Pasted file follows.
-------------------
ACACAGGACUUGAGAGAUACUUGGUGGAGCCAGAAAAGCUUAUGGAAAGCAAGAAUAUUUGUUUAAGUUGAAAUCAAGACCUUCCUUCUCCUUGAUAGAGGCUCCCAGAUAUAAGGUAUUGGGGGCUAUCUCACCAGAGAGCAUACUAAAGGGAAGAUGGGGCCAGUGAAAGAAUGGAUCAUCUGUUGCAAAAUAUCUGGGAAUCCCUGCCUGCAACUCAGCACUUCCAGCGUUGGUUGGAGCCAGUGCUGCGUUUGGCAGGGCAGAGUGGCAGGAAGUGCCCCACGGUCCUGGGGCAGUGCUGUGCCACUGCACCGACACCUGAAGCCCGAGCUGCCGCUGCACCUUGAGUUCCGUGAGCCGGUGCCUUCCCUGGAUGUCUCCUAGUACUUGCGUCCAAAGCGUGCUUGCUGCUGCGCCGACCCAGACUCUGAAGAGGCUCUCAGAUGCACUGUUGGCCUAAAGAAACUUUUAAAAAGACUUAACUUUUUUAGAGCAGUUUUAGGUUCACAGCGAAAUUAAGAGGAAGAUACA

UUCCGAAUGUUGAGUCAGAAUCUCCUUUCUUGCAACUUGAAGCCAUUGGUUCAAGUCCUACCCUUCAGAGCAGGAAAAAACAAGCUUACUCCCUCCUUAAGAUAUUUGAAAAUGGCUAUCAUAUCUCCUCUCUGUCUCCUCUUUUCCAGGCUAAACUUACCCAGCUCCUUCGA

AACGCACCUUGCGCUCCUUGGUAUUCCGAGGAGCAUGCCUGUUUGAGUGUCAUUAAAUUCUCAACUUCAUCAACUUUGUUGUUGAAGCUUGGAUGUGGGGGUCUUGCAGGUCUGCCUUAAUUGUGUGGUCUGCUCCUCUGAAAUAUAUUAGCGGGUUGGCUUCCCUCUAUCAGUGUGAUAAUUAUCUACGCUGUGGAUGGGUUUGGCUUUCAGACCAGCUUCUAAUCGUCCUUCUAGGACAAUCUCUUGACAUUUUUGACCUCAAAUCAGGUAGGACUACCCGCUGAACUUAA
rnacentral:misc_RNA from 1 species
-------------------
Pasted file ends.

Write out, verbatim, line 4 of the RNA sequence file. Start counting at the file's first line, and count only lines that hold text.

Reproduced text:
rnacentral:misc_RNA from 1 species